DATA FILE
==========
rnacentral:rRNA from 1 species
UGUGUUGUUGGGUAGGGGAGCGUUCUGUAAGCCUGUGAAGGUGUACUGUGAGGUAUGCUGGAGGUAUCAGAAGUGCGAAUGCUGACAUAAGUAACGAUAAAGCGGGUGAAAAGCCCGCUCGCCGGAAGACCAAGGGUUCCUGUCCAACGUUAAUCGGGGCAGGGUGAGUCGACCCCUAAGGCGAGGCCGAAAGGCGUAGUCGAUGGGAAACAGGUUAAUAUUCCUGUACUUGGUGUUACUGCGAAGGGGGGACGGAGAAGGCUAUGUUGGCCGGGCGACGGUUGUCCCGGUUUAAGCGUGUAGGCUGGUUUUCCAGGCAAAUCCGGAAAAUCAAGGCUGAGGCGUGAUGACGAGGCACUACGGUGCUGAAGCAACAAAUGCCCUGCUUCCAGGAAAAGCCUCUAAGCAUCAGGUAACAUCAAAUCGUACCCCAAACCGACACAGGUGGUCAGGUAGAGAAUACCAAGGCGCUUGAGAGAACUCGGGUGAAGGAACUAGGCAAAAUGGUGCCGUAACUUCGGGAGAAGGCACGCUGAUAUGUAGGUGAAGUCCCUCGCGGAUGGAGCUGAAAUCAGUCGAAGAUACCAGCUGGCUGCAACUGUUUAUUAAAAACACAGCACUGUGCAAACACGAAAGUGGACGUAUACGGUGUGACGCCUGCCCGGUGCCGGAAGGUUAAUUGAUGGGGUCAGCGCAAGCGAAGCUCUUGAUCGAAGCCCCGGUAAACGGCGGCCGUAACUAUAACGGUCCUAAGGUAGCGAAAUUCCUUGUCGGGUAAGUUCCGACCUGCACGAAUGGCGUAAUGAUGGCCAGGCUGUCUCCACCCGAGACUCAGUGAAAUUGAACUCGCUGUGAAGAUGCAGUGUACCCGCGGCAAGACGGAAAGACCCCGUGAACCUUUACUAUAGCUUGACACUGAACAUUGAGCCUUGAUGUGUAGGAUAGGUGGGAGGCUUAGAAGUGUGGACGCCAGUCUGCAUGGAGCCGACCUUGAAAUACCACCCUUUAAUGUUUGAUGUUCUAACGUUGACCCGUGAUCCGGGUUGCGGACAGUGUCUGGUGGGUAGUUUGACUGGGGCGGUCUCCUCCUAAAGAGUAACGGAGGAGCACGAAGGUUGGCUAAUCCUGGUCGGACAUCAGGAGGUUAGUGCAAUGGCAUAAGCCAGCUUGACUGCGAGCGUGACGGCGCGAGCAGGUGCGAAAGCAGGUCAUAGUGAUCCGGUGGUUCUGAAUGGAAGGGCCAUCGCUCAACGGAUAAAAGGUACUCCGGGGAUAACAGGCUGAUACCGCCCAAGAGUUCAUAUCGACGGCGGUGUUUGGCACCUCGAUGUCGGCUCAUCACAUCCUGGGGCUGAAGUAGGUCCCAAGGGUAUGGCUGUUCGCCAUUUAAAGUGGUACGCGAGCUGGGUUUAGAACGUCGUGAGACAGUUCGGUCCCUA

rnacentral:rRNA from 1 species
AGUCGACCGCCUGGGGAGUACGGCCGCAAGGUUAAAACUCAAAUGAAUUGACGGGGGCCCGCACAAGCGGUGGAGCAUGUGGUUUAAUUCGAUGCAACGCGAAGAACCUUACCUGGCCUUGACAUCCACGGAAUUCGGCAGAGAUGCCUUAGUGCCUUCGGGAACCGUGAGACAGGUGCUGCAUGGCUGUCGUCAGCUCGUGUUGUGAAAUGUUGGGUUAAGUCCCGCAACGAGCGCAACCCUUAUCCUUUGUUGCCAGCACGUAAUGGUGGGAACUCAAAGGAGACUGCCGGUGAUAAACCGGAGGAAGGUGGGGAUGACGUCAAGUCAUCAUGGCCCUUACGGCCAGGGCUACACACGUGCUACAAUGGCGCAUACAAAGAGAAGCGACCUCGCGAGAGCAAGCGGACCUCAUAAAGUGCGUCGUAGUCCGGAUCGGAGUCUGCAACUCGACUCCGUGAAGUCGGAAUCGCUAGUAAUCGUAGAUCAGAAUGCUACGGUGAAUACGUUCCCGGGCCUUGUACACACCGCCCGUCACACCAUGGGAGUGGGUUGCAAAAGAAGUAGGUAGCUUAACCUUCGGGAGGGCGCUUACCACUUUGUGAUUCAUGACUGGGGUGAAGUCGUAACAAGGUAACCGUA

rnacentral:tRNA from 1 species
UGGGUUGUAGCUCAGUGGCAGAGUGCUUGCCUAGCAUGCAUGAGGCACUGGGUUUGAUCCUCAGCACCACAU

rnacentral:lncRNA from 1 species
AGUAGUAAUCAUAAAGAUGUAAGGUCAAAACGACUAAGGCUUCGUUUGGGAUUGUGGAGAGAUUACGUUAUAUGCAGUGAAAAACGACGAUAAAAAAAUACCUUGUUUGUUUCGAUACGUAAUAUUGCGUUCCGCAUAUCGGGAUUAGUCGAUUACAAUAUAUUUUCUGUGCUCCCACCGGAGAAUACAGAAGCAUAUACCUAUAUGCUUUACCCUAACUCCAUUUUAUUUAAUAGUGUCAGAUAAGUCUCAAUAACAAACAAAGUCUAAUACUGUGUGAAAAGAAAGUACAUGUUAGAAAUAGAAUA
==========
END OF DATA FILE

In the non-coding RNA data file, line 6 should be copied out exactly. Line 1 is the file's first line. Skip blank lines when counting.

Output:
UGGGUUGUAGCUCAGUGGCAGAGUGCUUGCCUAGCAUGCAUGAGGCACUGGGUUUGAUCCUCAGCACCACAU